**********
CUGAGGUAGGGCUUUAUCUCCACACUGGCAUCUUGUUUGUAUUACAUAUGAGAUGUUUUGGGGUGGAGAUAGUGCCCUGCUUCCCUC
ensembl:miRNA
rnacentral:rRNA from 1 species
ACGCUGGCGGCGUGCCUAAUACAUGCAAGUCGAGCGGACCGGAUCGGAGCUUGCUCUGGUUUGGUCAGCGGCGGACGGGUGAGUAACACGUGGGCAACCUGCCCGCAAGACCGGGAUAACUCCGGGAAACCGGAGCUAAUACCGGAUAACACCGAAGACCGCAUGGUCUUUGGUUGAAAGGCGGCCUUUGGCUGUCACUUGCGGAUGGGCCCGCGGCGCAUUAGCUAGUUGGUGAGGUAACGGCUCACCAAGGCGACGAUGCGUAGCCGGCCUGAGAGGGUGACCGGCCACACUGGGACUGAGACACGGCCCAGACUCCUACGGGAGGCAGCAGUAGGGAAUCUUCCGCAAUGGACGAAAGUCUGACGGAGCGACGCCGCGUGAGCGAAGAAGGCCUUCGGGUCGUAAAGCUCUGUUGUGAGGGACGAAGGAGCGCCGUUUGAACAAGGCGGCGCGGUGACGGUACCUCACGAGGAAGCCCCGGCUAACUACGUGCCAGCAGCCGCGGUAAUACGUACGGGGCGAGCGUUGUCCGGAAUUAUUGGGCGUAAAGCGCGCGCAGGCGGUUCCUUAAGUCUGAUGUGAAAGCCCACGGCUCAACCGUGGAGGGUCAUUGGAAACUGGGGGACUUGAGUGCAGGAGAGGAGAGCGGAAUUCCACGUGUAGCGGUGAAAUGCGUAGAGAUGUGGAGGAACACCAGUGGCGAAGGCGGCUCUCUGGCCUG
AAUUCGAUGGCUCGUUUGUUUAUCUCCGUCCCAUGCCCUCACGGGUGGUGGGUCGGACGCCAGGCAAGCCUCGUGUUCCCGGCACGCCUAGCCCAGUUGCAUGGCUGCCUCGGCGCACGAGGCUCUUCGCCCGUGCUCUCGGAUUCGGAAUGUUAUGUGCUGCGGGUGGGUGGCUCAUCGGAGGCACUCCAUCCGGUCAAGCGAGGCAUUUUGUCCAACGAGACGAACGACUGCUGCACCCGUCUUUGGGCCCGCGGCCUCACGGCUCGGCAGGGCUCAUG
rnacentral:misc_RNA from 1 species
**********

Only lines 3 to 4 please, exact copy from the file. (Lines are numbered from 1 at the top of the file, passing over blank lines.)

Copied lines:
rnacentral:rRNA from 1 species
ACGCUGGCGGCGUGCCUAAUACAUGCAAGUCGAGCGGACCGGAUCGGAGCUUGCUCUGGUUUGGUCAGCGGCGGACGGGUGAGUAACACGUGGGCAACCUGCCCGCAAGACCGGGAUAACUCCGGGAAACCGGAGCUAAUACCGGAUAACACCGAAGACCGCAUGGUCUUUGGUUGAAAGGCGGCCUUUGGCUGUCACUUGCGGAUGGGCCCGCGGCGCAUUAGCUAGUUGGUGAGGUAACGGCUCACCAAGGCGACGAUGCGUAGCCGGCCUGAGAGGGUGACCGGCCACACUGGGACUGAGACACGGCCCAGACUCCUACGGGAGGCAGCAGUAGGGAAUCUUCCGCAAUGGACGAAAGUCUGACGGAGCGACGCCGCGUGAGCGAAGAAGGCCUUCGGGUCGUAAAGCUCUGUUGUGAGGGACGAAGGAGCGCCGUUUGAACAAGGCGGCGCGGUGACGGUACCUCACGAGGAAGCCCCGGCUAACUACGUGCCAGCAGCCGCGGUAAUACGUACGGGGCGAGCGUUGUCCGGAAUUAUUGGGCGUAAAGCGCGCGCAGGCGGUUCCUUAAGUCUGAUGUGAAAGCCCACGGCUCAACCGUGGAGGGUCAUUGGAAACUGGGGGACUUGAGUGCAGGAGAGGAGAGCGGAAUUCCACGUGUAGCGGUGAAAUGCGUAGAGAUGUGGAGGAACACCAGUGGCGAAGGCGGCUCUCUGGCCUG